Police probe into allegations of racism after Saudi owners of Crystal Palace fan group SLAM Newcastle

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Fury has erupted today over the Met Police racism investigation into banners protesting the Saudi-backed takeover of Newcastle United.

Human rights campaigners are disbelieved that police launched an investigation into a banner exposing the Gulf State’s human rights atrocities by Crystal Palace fans.

Banner accused and took a dig at the Saudi regime, supporters of the multimillion-pound takeover, of murder, terrorism and beheading. Premier LeagueTesting of ‘bosses’ and directors.

However police said over the weekend they would inquire into the bloody image, which was intercepted by a group of Palace supporters, the Holmesdale Fanatics, during South London’s 1-1 draw at Selhurst Park on Saturday.

Human rights campaigners today hit out at the investigation, which was later dropped by Scotland Yard, saying criticism of the Saudi regime should not be seen as racist.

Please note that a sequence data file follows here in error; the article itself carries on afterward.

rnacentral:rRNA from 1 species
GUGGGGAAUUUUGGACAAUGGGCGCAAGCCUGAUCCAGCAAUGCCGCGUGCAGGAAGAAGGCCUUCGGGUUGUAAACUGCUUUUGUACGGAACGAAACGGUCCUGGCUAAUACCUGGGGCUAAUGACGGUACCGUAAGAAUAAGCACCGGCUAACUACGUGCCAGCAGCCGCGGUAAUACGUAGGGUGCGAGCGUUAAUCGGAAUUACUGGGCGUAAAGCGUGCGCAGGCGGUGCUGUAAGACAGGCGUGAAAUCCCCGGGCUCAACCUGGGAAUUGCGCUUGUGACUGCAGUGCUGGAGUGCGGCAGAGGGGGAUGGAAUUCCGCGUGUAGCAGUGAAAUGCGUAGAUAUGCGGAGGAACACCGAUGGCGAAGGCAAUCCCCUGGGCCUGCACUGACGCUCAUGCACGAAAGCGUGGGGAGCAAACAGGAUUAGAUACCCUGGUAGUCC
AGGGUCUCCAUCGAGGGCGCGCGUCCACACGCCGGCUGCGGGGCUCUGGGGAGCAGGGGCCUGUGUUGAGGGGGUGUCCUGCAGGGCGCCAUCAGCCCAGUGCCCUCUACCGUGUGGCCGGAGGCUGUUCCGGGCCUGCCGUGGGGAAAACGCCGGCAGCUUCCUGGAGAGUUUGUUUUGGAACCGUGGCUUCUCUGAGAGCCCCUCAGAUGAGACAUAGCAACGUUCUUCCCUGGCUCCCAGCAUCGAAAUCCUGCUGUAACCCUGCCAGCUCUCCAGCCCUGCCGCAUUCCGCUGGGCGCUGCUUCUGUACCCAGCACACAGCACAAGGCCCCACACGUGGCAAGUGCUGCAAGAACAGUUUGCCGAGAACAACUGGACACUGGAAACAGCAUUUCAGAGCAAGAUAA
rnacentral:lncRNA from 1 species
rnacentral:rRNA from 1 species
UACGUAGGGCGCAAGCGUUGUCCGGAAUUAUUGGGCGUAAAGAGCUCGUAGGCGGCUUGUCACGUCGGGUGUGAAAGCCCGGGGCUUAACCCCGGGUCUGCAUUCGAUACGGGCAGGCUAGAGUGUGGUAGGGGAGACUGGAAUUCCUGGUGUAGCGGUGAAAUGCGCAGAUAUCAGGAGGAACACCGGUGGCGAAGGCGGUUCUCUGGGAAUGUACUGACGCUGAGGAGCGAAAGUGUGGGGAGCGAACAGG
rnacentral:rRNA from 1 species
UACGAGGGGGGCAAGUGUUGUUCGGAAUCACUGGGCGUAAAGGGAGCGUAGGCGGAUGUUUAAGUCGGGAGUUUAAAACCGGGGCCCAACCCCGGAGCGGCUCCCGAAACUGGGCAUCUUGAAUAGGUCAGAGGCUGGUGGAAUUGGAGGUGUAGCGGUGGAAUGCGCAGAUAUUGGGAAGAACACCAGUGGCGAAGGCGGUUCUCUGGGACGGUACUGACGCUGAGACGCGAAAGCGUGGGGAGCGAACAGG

Others have warned that an investigation into such banners could “undermine” the fight against real racism in football.

Among those criticizing the investigation is Sundar Katwala, director of the racial equality think tank British Future.

They told Wire: ‘The police should be able to establish that there is nothing to investigate. This is a cartoon of a recognizable person.

‘This is a strong condemnation of the Saudi regime and the murder of a journalist and a criticism of the Saudi state. That is political speech.

Crystal Palace fan group Holmesdale fanatics attack Saudi-led owners of Newcastle

Directors Amanda Stavely and Mehrdad Ghodousi were both in attendance at Selhurst Park.

Directors Amanda Stavely and Mehrdad Ghodousi were both in attendance at Selhurst Park.

Newcastle hit back on its statement about fans wearing Arabic attire to match

Newcastle hit back on its statement about fans wearing Arabic attire to match

‘I don’t think criticism of the ruler of Saudi Arabia can be called racist abuse.